Austin continues to investigate bus access on the future Lady Bird Bridge


Photo by Austin Transit Partnership

Wednesday December 15, 2021 by Willow Higgins

Austins Municipal Transport Commissionadvising municipal authorities on transport-related matters, met last week and continued discussions about the possibility of expanding the means of transport available on the future Lady Bird Bridge. The subject was also discussed at a public design workshop organized by the Austin Transit Partnership, and the city will continue discussions into the New Year.

The aptly named bridge crosses Lady Bird Lake and offers another way to cross the river from the north or south. The first plans for the bridge include the addition of the Blue Line Light Rail, an important component of the urban transit expansion Project Connect, as well as the pedestrian and cyclist connection. The northern end of the bridge will lead to a green area by the water, which will also serve as an important connection for local public transport. But on Tuesday Commissioner Samuel Franco urged his colleagues and Austin Transportation to consider making the future Lady Bird Bridge even more multimodal and bringing bus routes into space.

While the first plans for the bridge were being made, the bridge itself was not yet designed; The city will offer the public a tender in an international design competition, in which world-famous architects such as Santiago Calatrava will take part.

The commission brought in Peter Mullan from the Project Connect office to give Preliminary background On the bridge. So far, the Capital Metropolitan Transportation Authority has not included buses on this bridge in its initial planning and preliminary design for two reasons, Mullan said. The area on the north side of the lake that will be the community’s hub will be very limited in terms of space. Second, from a light rail operations standpoint, Mullan said it was best practice for light rail vehicles and buses not to use the same lane. While there are exceptions to this rule of thumb, “(the Austin Transit Partnership) light rail experts … generally do not want to combine other modes of transport on the route, almost without exception,” said Mullan.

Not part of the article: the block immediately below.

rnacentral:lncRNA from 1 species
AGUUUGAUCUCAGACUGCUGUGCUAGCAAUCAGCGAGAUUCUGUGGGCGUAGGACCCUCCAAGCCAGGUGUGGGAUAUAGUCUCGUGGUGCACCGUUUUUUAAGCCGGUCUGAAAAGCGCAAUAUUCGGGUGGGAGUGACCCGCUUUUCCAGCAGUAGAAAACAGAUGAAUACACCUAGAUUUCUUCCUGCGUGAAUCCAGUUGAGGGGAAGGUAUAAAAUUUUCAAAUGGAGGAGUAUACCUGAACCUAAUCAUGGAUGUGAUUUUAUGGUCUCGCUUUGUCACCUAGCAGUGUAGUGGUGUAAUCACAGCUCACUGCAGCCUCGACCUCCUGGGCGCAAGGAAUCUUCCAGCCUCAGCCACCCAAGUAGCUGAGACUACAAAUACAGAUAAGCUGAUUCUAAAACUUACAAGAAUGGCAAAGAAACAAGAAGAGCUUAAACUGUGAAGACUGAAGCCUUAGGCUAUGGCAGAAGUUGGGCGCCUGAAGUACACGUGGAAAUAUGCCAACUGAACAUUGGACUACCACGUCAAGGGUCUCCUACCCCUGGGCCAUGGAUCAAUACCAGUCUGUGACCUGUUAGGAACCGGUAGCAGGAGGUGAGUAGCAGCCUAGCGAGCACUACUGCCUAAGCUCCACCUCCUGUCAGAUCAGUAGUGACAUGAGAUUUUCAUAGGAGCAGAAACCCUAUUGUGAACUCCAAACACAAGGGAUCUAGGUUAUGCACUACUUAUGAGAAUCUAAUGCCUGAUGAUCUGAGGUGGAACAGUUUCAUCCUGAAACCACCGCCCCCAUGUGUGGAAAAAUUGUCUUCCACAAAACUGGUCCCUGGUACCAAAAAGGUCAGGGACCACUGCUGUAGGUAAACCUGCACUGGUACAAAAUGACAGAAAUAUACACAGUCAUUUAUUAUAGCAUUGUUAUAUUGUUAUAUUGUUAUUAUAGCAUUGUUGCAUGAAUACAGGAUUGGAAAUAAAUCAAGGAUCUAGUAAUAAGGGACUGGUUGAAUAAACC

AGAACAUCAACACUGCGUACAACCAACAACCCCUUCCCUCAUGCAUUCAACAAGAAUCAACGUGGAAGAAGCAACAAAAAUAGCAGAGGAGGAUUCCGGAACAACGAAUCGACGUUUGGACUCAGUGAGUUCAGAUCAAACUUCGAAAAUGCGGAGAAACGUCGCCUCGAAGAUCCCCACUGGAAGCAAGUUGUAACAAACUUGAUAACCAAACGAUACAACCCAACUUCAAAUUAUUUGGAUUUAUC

However, Franco said that ATP should present the design challenge to the experts who will take part in the design competition.

“You are about to post a bid to world class design firms to help solve these problems. All I ask is that in this tender we say, “If you can find a way to incorporate buses into this system as well, please incorporate that into your design” … block that now and don’t even give in To allow world-class designers to see things from a different perspective is a grave injustice, ”said Franco.

Mullan expressed concerns about including unrealistic expectations in the tender.

“We don’t ask for fantasy, we ask for reality. I think we want to be as clear as possible in our instructions … about how this bridge is operated, ”said Mullan. “And here, too, the instruction from Cap Metro was not to provide a bus connection here.”

Franco linked his concerns about the lack of bus access on the future bridge to an equity problem with Austin town planning. Prior to the UTC meeting, Franco also emailed ATP detailing his concerns about the lack of bus access on the bridge. He quoted his email at the meeting.

“The light rail system only has one east and one west route. While I am sure it is well meant, this footprint does not serve most historically underrepresented parts of our city, ”the email read. “As we ponder these past design flaws and tackle a new design for the bright future of our city, we must not allow the design of this new bridge to promote the repressive and racist past of our city.” In theory, bus interconnection could on the bridge to allow the East Austinites more mobility in transit, said Franco.

While Franco asked the commission to finally write a memo to the city council asking Austin Transportation to include the potential for buses in the RFP for the bridge, the commission decided they needed more information before proceeding. Mullan will contact the Commission with details of the technical and operational constraints on the draft that may allow or limit the possibility of buses being included in the plan.

The Commission will resume the matter in January.

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